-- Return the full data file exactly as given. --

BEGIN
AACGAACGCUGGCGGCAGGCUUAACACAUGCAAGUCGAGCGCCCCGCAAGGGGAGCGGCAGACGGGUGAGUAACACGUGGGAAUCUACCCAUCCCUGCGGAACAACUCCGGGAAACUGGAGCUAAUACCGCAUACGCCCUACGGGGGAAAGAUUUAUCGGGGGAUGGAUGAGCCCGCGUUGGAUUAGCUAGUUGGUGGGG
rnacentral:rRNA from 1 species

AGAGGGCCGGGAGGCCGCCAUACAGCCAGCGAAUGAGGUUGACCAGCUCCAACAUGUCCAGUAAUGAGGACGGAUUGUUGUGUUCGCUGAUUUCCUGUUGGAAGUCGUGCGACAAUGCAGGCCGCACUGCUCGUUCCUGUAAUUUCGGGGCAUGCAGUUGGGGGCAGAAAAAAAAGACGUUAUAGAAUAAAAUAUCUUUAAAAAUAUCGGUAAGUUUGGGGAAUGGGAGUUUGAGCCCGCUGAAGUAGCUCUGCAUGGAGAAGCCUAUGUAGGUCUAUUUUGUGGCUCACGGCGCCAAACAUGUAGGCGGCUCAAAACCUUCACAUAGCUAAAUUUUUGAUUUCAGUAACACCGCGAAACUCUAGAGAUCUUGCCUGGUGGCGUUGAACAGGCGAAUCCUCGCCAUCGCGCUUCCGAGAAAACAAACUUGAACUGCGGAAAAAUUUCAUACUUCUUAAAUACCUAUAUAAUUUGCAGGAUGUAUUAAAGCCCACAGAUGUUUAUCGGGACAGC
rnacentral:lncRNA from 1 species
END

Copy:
AACGAACGCUGGCGGCAGGCUUAACACAUGCAAGUCGAGCGCCCCGCAAGGGGAGCGGCAGACGGGUGAGUAACACGUGGGAAUCUACCCAUCCCUGCGGAACAACUCCGGGAAACUGGAGCUAAUACCGCAUACGCCCUACGGGGGAAAGAUUUAUCGGGGGAUGGAUGAGCCCGCGUUGGAUUAGCUAGUUGGUGGGG
rnacentral:rRNA from 1 species

AGAGGGCCGGGAGGCCGCCAUACAGCCAGCGAAUGAGGUUGACCAGCUCCAACAUGUCCAGUAAUGAGGACGGAUUGUUGUGUUCGCUGAUUUCCUGUUGGAAGUCGUGCGACAAUGCAGGCCGCACUGCUCGUUCCUGUAAUUUCGGGGCAUGCAGUUGGGGGCAGAAAAAAAAGACGUUAUAGAAUAAAAUAUCUUUAAAAAUAUCGGUAAGUUUGGGGAAUGGGAGUUUGAGCCCGCUGAAGUAGCUCUGCAUGGAGAAGCCUAUGUAGGUCUAUUUUGUGGCUCACGGCGCCAAACAUGUAGGCGGCUCAAAACCUUCACAUAGCUAAAUUUUUGAUUUCAGUAACACCGCGAAACUCUAGAGAUCUUGCCUGGUGGCGUUGAACAGGCGAAUCCUCGCCAUCGCGCUUCCGAGAAAACAAACUUGAACUGCGGAAAAAUUUCAUACUUCUUAAAUACCUAUAUAAUUUGCAGGAUGUAUUAAAGCCCACAGAUGUUUAUCGGGACAGC
rnacentral:lncRNA from 1 species